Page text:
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March 3-7, 2026

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Heat safety on the job



Apart from workers' health, there are several other heat-related safety concerns that apply to the construction industry. These issues focus on protecting the environment, equipment and materials on the job site. Addressing these concerns is crucial to ensure the overall safety and efficiency of construction operations. Here are some important heat-related safety concerns in the construction industry:

Fire hazards

Combustible materials, such as wood, insulation and flammable chemicals, can ignite more easily in extreme heat conditions. Adequate fire prevention measures, such as proper storage of flammable materials, regular site inspections and the presence of fire extinguishers, are essential to mitigate fire hazards.

Equipment overheating

Construction equipment can overheat in high temperatures leading to mechanical failures, equipment breakdowns and even accidents. Regular maintenance, proper cooling systems and monitoring equipment temperatures are necessary to prevent overheating and ensure equipment reliability.

Concrete and mortar curing

Excessive heat can negatively impact the curing process of concrete and mortar. High temperatures can cause rapid evaporation of water, leading to surface cracking and reduced overall strength of the construction materials. Covering freshly poured concrete with wet burlap or using chemical curing compounds can help maintain proper moisture levels during curing.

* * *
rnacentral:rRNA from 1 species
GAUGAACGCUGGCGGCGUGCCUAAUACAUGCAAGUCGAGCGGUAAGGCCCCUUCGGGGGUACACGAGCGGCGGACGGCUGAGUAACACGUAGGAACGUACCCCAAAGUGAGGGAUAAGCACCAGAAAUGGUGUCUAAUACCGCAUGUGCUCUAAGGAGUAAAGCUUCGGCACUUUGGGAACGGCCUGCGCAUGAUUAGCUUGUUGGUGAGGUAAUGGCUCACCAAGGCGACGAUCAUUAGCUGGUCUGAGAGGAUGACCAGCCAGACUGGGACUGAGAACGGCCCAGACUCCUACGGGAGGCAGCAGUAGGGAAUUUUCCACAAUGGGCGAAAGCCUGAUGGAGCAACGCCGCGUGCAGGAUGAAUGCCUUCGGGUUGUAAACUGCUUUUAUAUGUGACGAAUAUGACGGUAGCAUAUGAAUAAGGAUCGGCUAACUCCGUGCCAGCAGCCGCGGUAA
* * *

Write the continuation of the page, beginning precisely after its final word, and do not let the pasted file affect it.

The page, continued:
Asphalt work 

In hot weather, asphalt can cool and harden more quickly, making it challenging for construction workers to achieve smooth finishes. To prevent these issues, some construction projects require the use of warm-mix asphalt, which stays workable for longer periods and helps reduce greenhouse gas emissions.

Solar gain and heat island effect

Construction materials, especially dark-colored surfaces like asphalt and roofing materials, can absorb and retain heat, contributing to the urban heat island effect. This phenomenon causes cities to be warmer than their surrounding rural areas. Construction planners should consider using cool roofing materials and light-colored surfaces to minimize solar gain and mitigate heat island effects.

Storing materials prone to heat damage

Extreme heat can damage certain construction materials, such as adhesives, paints and sealants. Proper storage, transportation and handling are necessary to preserve the quality and performance of these materials during hot weather conditions.

Ground stability

Prolonged heat can cause the soil to dry out and shrink, potentially leading to ground instability and subsidence. For construction projects involving excavations or foundations, soil moisture monitoring and stabilization techniques may be necessary to prevent issues related to ground movement.

Electrical safety

Electrical components and wiring are at risk of malfunctioning or even catching fire when exposed to high temperatures. Construction companies should ensure proper installation, protection and maintenance of electrical systems to minimize the risk of electrical hazards caused by heat.

Temporary structures

Tents, canopies and other temporary structures used on construction sites may be susceptible to damage or instability in extreme heat conditions. Regular inspections and reinforcement of these structures can prevent accidents caused by their failure. 

In conclusion

To address these heat-related safety concerns, construction companies should incorporate proper planning, risk assessment and preventive measures into their construction site management strategies. By taking proactive steps to manage heat-related risks, construction projects can proceed smoothly and safely, benefiting both workers and the surrounding environment.

Photo credit: Iryna Melnyk/BIGSTOCKPHOTO.COM

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